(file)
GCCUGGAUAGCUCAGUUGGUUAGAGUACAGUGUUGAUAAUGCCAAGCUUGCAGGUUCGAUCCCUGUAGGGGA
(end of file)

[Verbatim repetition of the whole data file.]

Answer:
GCCUGGAUAGCUCAGUUGGUUAGAGUACAGUGUUGAUAAUGCCAAGCUUGCAGGUUCGAUCCCUGUAGGGGA